Michael Ian Black takes what he can get.
Recognizable from his appearances in VH1's I Love the ... series and Sierra Mist commercials, the Chicago native isn't exactly selective when it comes to job offers.
"I look for roles that people will hire me for," he says. "That's generally it."
Despite his lack of lofty aspirations, Black has managed to do more than lend his biting sarcasm and sardonic wit to pop culture commentaries and product promotions.
The co-writer of the short-lived cult TV shows The State and Stella is sort of a comedic renaissance man these days. He splits his time between writing, acting, directing and stand-up comedy.
Recently wrapping scenes for a part in coming episodes of CW's The Reaper, Black will next finish his stand-up tour, which will come to the Ottobar on Sunday in support of his first album, I Am a Wonderful Man.
In previous stand-up routines, Black, 36, covered such topics as how to emasculate your friends, good news/bad news scenarios and football on the beach.
During a recent telephone interview, he described his brand of comedy as "lots of talking, jokes and funny faces."
Although his first foray into stand-up was sort of a "now or never" decision, Black says that he's pleased with the reception that he's gotten from audiences throughout the country.
One opportunity was recently cut short for Black. Because of the Writers Guild of America strike, development for a Comedy Central pilot was put on hold. The show would star Black alongside Stella collaborator Michael Showalter as National Public Radio hosts who constantly bicker with each other.
Although Black supports the strike, he says he was too busy to take part in the picket lines. "I didn't have time to take a train to walk around in a circle," he says. "Besides, they already have Robin Williams."
Black credits his time spent on VH1's I Love the ... series with getting his face and name in the public eye. Although he recently finished filming scenes for the coming I Love the New Millennium, Black says it's next to impossible to remember which topics he's offered commentary for throughout the years.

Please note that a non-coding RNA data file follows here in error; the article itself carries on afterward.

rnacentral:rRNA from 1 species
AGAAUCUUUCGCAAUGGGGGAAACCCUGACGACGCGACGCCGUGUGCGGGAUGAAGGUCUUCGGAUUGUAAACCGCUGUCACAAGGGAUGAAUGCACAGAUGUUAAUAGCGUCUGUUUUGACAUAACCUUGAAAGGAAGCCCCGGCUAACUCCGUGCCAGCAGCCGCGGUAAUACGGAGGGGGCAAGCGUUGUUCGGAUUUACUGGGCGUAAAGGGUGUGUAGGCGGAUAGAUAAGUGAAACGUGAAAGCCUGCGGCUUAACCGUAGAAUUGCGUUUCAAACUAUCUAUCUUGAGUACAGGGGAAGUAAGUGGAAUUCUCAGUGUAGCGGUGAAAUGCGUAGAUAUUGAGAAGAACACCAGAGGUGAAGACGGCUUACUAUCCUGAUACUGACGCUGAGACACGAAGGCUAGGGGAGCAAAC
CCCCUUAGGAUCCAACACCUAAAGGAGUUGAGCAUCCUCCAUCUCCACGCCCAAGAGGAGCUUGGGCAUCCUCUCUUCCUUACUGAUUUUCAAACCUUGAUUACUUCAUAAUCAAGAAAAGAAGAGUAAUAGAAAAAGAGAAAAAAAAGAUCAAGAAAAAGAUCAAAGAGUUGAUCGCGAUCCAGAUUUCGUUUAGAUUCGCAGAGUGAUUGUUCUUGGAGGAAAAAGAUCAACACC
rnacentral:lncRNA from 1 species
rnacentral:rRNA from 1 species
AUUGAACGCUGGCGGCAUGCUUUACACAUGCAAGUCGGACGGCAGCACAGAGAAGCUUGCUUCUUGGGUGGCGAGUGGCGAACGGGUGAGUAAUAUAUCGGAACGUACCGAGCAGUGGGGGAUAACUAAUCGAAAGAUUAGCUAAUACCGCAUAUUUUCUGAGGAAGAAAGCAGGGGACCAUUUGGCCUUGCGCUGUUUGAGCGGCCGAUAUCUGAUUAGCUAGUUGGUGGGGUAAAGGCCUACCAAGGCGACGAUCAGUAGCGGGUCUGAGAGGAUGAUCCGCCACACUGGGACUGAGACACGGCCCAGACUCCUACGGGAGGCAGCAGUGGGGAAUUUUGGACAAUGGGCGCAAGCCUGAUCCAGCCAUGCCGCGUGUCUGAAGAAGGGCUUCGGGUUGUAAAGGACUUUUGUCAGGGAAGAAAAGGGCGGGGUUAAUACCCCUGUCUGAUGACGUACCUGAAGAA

"You don't even remember what you say during those things," he says. "However, I do remember eating a burrito."
Black recently got more name recognition when his screenplay Run, Fat Boy, Run was adapted for a film.
Directed by Friends star David Schwimmer and starring British actor Simon Pegg, who also co-wrote the screenplay, the film was released in the United Kingdom in September and will be released in the U.S. in March.
The film is about a chunky guy who leaves his pregnant fiancee at the altar and decides to run a marathon five years later to prove his love and affection for her.
Although Black didn't have much say in how the film was adapted, he was happy with the result, crediting Pegg's star power for the film's success in the U.K. However, he doubts that it will have the same success here.
Black doesn't have any deep or emotional explanation as to what inspired him to write the story.
"A fat guy running a marathon just seemed like a really funny idea to me," he says.
Michael Ian Black will perform his stand-up routine along with Michael Showalter at 8 p.m. Sunday at the Ottobar, 2549 N. Howard St. Admission is $17. For tickets, go to missiontix.com.